E-Commerce Logistics Race...

E-Commerce Logistics Race 2022: Canada vs the United States

Jul 28, 2022
E-Commerce Logistics Race 2022: Canada vs the United States

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  • Canada had an average transit time of 2.7 days in Q1 2022, while the US had an average of 3.5 days.

  • Canada’s first attempt success rate increased by 1.28% over peak season last year while that of the US only rose by 1.04%

  • The use of collection points in Q1 2022 was at 3.76% in the US and 8.45% in Canada.

A year has gone by in a blink of an eye and we are back with yet another installment in our "e-commerce logistics race" series.

This time, we are kicking it off by comparing the logistics performances of the two North American neighbors – Canada and the United States (US). From the growth of their delivery success rates during peak season 2021, to the use of collection points in Q1 2022, this article provides a comprehensive overview of e-commerce logistics in the US and Canada over the past year.

How did these two e-commerce markets fare against each other? Which country performed better during the latest peak season? Let’s find out!

#1 Canada Had a Shorter Transit Time Than the US in Q1 2022

In the first quarter of 2022, Canada had an average transit time of 2.7 days to its first delivery attempt, while the US had an average of 3.5 days. Similarly in peak season 2021, Canada (3.7 days) performed better than its neighbor (4.3 days) in terms of transit time. The good news, however, is that both countries saw an improvement in the logistics performance since Q1 2021, where they had an combined average of 3.7 days transit time. This is possibly attributable to the decline in e-commerce volumes throughout the region as more consumers return to brick-and-mortar stores to fulfill their shopping needs. With fewer orders to fulfill, logistics providers are more likely to adhere to the stipulated timeline and ship out their packages in a shorter period of time.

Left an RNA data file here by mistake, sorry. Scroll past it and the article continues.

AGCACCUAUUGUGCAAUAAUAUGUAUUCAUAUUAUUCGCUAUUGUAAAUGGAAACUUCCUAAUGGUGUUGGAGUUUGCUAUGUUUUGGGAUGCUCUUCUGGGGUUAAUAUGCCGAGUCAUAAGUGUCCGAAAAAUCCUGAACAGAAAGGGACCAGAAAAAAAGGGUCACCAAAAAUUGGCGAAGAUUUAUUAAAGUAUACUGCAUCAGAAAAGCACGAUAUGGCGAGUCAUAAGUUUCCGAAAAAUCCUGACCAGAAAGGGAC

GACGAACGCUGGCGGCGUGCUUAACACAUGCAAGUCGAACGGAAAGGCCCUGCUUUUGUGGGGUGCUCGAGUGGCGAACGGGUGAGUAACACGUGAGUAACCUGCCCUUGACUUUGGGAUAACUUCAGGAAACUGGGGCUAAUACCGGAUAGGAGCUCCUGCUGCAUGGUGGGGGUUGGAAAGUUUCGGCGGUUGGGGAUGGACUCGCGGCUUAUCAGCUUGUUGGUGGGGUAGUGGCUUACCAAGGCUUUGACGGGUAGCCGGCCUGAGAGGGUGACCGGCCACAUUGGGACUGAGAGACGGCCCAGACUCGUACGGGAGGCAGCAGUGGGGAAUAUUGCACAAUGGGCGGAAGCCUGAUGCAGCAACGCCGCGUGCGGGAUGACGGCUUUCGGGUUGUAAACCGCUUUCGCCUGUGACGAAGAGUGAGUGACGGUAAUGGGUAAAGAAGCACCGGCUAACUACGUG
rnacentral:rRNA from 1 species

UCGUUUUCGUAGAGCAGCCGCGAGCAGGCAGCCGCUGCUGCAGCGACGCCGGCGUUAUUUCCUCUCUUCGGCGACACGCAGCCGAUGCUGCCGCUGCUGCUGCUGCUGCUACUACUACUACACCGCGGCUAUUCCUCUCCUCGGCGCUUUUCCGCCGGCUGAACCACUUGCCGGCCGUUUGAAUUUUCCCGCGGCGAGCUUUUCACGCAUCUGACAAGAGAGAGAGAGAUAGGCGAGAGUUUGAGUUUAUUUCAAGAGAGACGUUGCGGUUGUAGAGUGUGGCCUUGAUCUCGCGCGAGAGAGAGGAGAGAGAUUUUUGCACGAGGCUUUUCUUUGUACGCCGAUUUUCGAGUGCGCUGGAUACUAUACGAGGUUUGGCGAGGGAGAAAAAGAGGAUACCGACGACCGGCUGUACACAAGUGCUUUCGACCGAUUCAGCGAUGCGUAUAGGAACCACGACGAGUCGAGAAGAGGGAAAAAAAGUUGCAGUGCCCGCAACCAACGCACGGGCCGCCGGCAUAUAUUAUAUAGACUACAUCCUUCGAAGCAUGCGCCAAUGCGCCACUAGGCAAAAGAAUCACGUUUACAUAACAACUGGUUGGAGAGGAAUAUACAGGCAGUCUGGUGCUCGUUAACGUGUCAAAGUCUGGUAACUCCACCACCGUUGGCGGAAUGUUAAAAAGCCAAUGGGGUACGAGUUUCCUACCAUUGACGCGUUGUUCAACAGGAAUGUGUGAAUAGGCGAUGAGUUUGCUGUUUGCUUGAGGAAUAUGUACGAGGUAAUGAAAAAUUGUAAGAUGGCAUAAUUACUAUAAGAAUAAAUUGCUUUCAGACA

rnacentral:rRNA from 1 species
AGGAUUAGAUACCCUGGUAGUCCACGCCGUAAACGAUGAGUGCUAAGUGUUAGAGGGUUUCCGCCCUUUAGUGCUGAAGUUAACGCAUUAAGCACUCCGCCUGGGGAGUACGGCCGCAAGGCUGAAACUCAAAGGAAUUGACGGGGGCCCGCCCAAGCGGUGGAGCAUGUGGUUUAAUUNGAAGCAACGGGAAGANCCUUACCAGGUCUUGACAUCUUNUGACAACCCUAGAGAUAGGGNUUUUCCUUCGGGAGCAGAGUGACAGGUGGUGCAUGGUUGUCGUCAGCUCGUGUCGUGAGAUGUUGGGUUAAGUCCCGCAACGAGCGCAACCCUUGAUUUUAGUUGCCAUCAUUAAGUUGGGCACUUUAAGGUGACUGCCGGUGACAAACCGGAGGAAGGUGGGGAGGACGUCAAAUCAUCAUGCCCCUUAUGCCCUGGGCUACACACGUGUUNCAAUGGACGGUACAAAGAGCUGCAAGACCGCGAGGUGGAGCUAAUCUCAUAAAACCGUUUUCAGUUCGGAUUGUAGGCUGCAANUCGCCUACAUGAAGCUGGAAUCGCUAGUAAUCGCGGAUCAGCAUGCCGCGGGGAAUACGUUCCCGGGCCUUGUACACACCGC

#2 First Attempt Success Rate in Canada Saw a Greater Improvement During Peak Season 2021 Than in the US

 Making the first delivery attempt on time is crucial in e-commerce retail. A redelivery incurs additional costs for businesses and increases customer wait times, which can negatively affect customer satisfaction and retention rates. 

According to our Q1 2022 data, the delivery success rate was at 97.8% in the US and 88% in Canada. Back in Q1 2021, the US figure stood at 96.5%, whereas Canada’s number was much lower at 85.9%. Having said that, Canada’s first attempt success rate increased by 1.28% over peak season while that of the US only rose by 1.04%. This could perhaps be associated with the fact that most, if not all, COVID-19 restrictions and lockdown measures in the US were lifted by peak season 2021, indicating that American consumers were less likely to be home to receive their parcels during that time. Meanwhile in Canada, the authorities took a slower approach to reopening society, even as they saw the number of cases dwindling down.

#3 More Canadian Shoppers Used Collection Points Compared to Their American Counterparts in Q1 2022

Based on our findings, Canadian shoppers appeared more keen towards alternative delivery methods as compared to their American counterparts. The share of parcels delivered to collection points, for instance, was only 2.9% in the US in Q1 2022, significantly lower than the 7.51% observed in Canada during the same period. Having said that, both countries saw a decrease in the usage of collection points over the year. In more specific terms, the use of collection points in Q1 2022 was at 3.76% in the US and 8.45% in Canada.

This is despite the multiple efforts of various logistics companies to increase the availability and accessibility of pick-up and drop-off (PUDO points) across the North America region. Recent developments by UPS and FedEx include hybrid access points via retail partnerships to allow collection of low volume shipments. While such locations do not offer full-service shipping support, they are still ideal for consolidating multiple e-commerce residential deliveries. Another example would be the partnership between PUDO Inc and Purolator, Canada’s largest integrated freight, package and logistics solutions provider, to facilitate PUDO services for local online shoppers. 

What’s Next for E-Commerce?

In the wake of seismic shifts in online shopping and changing consumer expectations, it is hard to predict where the global e-commerce growth is headed. Nonetheless, we look forward to seeing how e-commerce logistics will play out in these two major economies as they return to the “new normal” over the rest of the year. To find out how countries in Europe performed in comparison to each other, check back for the rest of the e-commerce logistics race series!

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